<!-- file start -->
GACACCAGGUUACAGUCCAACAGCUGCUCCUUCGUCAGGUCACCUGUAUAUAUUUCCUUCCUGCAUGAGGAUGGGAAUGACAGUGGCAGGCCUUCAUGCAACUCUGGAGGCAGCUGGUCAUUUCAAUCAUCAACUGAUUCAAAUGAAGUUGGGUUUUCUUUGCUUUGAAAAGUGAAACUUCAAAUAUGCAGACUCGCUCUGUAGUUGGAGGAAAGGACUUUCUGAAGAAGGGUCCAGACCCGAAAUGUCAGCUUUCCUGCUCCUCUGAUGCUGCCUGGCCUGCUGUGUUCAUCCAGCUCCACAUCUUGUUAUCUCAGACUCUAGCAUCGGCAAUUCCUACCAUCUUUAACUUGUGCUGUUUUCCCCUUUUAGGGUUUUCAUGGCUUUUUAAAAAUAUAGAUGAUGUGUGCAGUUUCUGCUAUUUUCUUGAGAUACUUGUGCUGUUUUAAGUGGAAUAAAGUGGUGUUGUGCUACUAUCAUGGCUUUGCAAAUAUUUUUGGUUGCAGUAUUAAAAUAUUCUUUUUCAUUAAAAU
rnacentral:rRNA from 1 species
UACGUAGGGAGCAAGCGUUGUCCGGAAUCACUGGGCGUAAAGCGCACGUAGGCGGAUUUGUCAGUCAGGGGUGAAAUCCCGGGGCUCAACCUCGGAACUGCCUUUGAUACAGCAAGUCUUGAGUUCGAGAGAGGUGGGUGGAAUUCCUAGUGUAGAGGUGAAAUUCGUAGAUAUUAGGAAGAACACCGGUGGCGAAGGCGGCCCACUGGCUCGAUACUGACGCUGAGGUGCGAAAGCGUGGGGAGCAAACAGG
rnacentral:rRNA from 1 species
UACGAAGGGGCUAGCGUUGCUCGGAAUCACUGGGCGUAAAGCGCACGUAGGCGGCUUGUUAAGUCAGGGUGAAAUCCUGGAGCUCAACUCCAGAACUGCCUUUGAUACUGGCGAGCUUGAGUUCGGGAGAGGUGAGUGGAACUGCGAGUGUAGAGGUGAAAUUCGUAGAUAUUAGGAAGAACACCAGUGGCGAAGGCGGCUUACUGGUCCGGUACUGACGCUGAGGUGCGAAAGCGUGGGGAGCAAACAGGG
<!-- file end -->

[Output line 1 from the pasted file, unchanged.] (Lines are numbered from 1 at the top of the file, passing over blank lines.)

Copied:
GACACCAGGUUACAGUCCAACAGCUGCUCCUUCGUCAGGUCACCUGUAUAUAUUUCCUUCCUGCAUGAGGAUGGGAAUGACAGUGGCAGGCCUUCAUGCAACUCUGGAGGCAGCUGGUCAUUUCAAUCAUCAACUGAUUCAAAUGAAGUUGGGUUUUCUUUGCUUUGAAAAGUGAAACUUCAAAUAUGCAGACUCGCUCUGUAGUUGGAGGAAAGGACUUUCUGAAGAAGGGUCCAGACCCGAAAUGUCAGCUUUCCUGCUCCUCUGAUGCUGCCUGGCCUGCUGUGUUCAUCCAGCUCCACAUCUUGUUAUCUCAGACUCUAGCAUCGGCAAUUCCUACCAUCUUUAACUUGUGCUGUUUUCCCCUUUUAGGGUUUUCAUGGCUUUUUAAAAAUAUAGAUGAUGUGUGCAGUUUCUGCUAUUUUCUUGAGAUACUUGUGCUGUUUUAAGUGGAAUAAAGUGGUGUUGUGCUACUAUCAUGGCUUUGCAAAUAUUUUUGGUUGCAGUAUUAAAAUAUUCUUUUUCAUUAAAAU